This story isn't about when, where and how all-terrain vehicles should or shouldn't be operated on public lands.
I'll leave that topic to our ever-reliable lawmakers, who have let the ATV issue fester and grow like a cancer until a responsible resolve was impossible. But they've done the same in the past with most other environmental matters.
And for not completing their job on time they get paid extra? Save your letters and e-mails because you won't change my mind.
Instead, this story is about how an ATV and various implements can be used to create and enhance wildlife habitat.
Ten years ago I bought 70 acres south of Brainerd. Since that time I've carried out many habitat projects, including planting food plots for deer and other wildlife, selective forest harvest, planting thousands of trees and shrubs. For all these projects I used an ATV and some of the many attachments that are available.
My only habitat projects that required larger equipment were the excavation of five wetlands. For that I hired a heavy equipment operator who used a wide-tracked bulldozer.
You might wonder why a person would use an ATV for habitat work when a farm tractor, with its greater power and larger implements, works better.
First, a lot of landowners already own an ATV, and with the addition of a few implements they can use their machines for work and play. In my case, I bought an ATV specifically for habitat work because many of my projects are on remote sections of land that are difficult if not impossible to access with a tractor.
My ATV, when equipped with a 3-point hitch and various farming implements, is highly maneuverable, allowing me to shape and contour food plots to match the lay of the land. If I get stuck I simply extract the machine with a winch that can be deployed from the front or rear of the vehicle.
Most people would be amazed at the work a properly equipped ATV is capable of performing. Since a picture is worth a thousand words, study the photos on this page and realize that all the work that went into those habitat projects was done with an ATV outfitted with various accessories.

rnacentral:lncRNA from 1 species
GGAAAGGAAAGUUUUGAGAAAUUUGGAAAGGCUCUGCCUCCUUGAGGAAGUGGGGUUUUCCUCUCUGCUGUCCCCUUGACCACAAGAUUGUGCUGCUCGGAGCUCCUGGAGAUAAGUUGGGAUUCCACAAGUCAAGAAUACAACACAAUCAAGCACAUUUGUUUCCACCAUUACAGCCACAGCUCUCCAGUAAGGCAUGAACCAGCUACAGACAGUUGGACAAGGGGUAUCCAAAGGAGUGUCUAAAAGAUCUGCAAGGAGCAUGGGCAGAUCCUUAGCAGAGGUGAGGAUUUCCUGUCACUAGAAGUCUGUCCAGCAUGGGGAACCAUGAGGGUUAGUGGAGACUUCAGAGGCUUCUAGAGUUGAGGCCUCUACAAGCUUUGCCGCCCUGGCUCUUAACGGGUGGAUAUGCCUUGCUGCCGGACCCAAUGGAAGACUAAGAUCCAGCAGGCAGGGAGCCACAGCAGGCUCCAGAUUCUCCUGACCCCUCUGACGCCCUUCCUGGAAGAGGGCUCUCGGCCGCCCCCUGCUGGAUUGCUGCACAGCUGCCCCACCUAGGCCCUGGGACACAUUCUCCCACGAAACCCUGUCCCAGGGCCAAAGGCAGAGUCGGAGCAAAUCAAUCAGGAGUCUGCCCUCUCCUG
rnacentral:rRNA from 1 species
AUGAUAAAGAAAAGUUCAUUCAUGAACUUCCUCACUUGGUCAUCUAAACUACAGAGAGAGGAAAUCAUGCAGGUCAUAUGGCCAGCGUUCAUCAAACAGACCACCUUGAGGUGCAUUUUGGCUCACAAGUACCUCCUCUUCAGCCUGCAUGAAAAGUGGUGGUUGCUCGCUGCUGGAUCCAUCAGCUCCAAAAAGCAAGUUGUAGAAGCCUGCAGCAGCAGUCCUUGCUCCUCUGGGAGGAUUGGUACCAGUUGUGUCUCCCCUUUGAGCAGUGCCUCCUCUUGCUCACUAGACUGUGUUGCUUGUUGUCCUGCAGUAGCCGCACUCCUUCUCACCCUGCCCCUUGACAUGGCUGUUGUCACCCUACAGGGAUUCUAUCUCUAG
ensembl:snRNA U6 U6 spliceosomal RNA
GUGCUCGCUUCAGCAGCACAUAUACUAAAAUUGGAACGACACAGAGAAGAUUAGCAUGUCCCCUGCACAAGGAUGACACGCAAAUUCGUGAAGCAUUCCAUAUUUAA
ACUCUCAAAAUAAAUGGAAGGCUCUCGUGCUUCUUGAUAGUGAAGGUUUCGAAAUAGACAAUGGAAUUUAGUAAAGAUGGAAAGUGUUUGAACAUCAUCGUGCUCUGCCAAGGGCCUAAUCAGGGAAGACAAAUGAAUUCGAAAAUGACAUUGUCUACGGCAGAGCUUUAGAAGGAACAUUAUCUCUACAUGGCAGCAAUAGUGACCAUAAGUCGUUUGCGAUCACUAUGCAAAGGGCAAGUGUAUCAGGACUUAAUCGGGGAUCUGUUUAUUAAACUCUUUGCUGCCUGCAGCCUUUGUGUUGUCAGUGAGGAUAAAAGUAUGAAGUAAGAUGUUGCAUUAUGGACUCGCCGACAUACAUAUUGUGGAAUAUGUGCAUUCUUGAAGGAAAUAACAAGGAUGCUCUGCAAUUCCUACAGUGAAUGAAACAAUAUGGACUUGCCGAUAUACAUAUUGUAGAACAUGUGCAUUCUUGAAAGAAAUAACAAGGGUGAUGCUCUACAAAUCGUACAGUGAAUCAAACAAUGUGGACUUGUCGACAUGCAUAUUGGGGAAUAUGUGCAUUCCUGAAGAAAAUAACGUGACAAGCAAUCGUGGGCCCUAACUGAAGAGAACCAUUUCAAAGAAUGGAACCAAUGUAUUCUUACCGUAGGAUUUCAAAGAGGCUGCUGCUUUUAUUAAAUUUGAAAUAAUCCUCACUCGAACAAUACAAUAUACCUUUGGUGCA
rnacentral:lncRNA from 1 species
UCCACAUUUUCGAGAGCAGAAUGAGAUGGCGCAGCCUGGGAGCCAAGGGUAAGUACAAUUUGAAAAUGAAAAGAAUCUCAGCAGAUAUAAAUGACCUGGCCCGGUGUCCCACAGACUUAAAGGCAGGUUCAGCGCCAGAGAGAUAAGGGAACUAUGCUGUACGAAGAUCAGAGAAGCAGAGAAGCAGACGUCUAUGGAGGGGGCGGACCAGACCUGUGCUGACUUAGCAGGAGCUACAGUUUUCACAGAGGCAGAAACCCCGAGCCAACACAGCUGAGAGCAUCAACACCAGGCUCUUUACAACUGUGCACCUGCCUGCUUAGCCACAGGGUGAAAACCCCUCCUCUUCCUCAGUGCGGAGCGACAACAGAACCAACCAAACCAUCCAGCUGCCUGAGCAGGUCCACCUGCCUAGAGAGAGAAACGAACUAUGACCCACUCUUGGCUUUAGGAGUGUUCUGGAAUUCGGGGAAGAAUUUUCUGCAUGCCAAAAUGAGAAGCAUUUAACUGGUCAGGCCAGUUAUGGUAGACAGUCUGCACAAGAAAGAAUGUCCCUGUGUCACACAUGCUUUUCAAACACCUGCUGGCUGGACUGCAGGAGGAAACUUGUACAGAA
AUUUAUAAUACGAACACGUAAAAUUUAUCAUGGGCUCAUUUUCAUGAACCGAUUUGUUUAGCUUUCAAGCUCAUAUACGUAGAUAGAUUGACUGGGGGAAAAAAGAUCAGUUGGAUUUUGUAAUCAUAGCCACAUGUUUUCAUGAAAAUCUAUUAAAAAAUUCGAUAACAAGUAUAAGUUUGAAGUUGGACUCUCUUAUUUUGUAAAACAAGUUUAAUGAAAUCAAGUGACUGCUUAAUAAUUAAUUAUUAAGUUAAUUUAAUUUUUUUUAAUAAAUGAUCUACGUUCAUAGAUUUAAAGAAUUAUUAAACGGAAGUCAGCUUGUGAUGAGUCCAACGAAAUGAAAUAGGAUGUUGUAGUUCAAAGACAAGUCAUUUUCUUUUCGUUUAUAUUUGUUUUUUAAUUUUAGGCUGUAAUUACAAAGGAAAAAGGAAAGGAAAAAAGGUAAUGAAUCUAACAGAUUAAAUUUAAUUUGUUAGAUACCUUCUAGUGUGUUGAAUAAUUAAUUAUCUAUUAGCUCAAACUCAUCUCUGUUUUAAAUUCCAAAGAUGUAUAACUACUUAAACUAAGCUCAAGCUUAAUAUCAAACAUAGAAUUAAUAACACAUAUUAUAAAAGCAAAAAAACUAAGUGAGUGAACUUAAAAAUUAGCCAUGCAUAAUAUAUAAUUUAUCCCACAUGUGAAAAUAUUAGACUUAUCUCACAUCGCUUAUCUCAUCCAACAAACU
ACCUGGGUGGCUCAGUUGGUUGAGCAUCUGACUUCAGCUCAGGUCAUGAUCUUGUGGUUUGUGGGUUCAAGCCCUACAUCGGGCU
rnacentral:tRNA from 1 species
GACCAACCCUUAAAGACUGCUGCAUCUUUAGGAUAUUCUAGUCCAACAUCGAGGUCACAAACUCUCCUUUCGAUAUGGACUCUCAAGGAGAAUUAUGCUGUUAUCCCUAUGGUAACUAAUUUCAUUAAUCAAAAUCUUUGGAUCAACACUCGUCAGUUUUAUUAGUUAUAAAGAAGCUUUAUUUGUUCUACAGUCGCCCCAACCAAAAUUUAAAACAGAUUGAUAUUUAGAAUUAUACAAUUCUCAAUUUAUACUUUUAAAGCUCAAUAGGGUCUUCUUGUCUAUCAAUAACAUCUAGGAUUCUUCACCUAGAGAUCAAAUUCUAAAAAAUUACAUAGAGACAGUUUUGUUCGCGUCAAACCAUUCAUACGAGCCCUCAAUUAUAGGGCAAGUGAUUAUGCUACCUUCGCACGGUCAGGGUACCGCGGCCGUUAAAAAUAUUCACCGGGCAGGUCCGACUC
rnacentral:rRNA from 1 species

Cycle Country Accessories Corp. of Milford, Iowa (www.cyclecountry.com) makes the ATV farm implements I purchased. The company started out building snowplows for ATVs, but since has expanded and now builds a variety of quality ATV accessories.
Cycle Country farm implements are attached to my ATV via a 3-point hitch. The hitch connects to the ATV using brackets specific to the brand and model. The various implements link to the 3-point hitch with three lock pins, so switching implements is easy. A simple push of a button located on the handlebar of the ATV raises and lowers the implements using an electromechanical screw-driven lift that runs off the ATV's battery.
Cycle Country makes a 3-point hitch to fit most brands of ATVs featuring 4-wheel drive and engines larger than 300 cc, which is the minimum engine size suggested for use with their farming attachments.
An ATV isn't cheap, and neither are the implements, but what hobby is? Habitat work is rewarding, and a good excuse to get outdoors.
Uses for an ATV equipped with the many available accessories are limited only by one's imagination. It seems every day companies introduce new products that help make an ATV a four-season tool.
Just a decade ago, the idea of farming for wildlife seemed rather absurd to most people. A lot has changed in recent years and many folks now own land purely for their enjoyment, whether it be for hunting, wildlife viewing, or other outdoor recreation.
This was substantiated when recently I typed the words "ATV food plot" into a Google Web search and it turned up more than 68,000 results.
Locally, ATVs and their various accessories can be purchased at Gander Mountain and Brother's Motorsports. Gander Mountain also carries a complete line of products for developing food plots, such as seeds and herbicides.
Bill Marchel, wildlife and outdoors photographer and writer, can be reached at email@example.com
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